The National Nursing and Midwifery Digital Health Capability Framework released today will help increase effective utilisation of digital health care in Australia, according to the Australian College of Nursing.
“There is no denying the delivery of health care is changing, in large part due to technological advances,” Australian College of Nursing CEO, Adjunct Professor Kylie Ward FACN said.
“Digital health has the potential to bring about vast improvements in how healthcare is delivered, where people can access quality care, and health outcomes. This potential can only be realised if we have a workforce that is ready to adopt digital health tools and services and maximise the benefits.
“The goal of the Capability Framework is to ensure the nursing workforce can confidently utilise digital health technologies.”
ACN was represented on the Framework’s Advisory Committee by Adjunct Associate Professor Naomi Dobroff FACN, Chair of the ACN Nurse Informatics Community of Interest and Aaron Jones FACN, Chair of the ACN Chief Nursing Information Officer Community of Interest.
“This work gives everyone involved in healthcare a guide as to the skills and knowledge nurses and midwives need to deliver health in a digital world,” Adjunct Professor Dobroff explained.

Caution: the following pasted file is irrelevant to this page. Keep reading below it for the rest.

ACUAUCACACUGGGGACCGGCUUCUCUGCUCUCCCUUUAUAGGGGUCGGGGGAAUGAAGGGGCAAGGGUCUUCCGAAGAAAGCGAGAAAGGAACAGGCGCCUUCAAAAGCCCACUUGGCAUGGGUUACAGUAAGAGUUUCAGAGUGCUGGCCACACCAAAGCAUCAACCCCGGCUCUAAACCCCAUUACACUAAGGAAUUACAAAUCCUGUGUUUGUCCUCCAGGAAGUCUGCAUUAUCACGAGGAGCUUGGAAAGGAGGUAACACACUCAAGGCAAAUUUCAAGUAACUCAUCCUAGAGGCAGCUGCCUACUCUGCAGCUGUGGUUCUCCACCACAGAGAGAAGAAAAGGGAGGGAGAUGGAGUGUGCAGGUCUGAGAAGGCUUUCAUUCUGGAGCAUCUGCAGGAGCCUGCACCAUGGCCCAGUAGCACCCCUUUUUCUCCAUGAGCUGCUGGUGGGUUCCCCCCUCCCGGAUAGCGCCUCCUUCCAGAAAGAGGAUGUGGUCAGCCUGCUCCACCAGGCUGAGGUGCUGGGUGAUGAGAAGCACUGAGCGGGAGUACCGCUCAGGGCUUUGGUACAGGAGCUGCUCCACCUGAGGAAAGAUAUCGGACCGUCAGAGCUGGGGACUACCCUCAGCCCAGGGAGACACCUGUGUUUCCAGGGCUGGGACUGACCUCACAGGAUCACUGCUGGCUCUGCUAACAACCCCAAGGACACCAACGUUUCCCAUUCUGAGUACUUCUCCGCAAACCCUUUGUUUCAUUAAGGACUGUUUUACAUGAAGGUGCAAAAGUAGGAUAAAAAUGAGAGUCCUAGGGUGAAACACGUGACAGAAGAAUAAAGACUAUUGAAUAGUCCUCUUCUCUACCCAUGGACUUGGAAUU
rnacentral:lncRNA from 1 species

“I am particularly pleased a Framework specific to nurses and midwives has been developed not only because our profession makes up over 50 per cent of Australia’s health workforce, but because it recognises the leadership role nurses and midwives have.
“Nurses and midwives play a critical role in ensuring that clinical information and communication systems are designed and used to deliver high quality, coordinated care to Australians across all aspects of the patient journey.
“The Framework outlines the capabilities each of us as individual professionals, our workplaces and our educational organisations, such as ACN, who are required to extend our digital health development to develop all nurses.”
Reflecting the nursing profession’s enthusiasm for adoption of technology and innovation, the Australian College of Nursing has added a specific digital health unit to some of its Nursing Graduate Certificate courses. Learning outcomes include being able to appraise how clinical communication occurs in a digitalised health care system.
“In terms of technology take-up, nurses are vital, but more importantly we need nurses to take a leadership role, which is a domain in the Framework, in order to make sure digital health successfully enhances patient care,” Adjunct Professor Ward said.
“Technology cannot replicate the complex and holistic care provided by nurses, but it can help expand the profession’s scope of practice and delivery of best practice care to all Australians.
“Nurses provide care all day, every day, across every care setting and are best placed to assist in reimagining the delivery of healthcare aided by technology.
“Therefore, we commend the Framework and look forward to playing a role in making sure it inspires broader digital expertise within the nursing profession by providing free online educational resources at the foundational level of learning to all nurses and midwives on the ACN website next year.”
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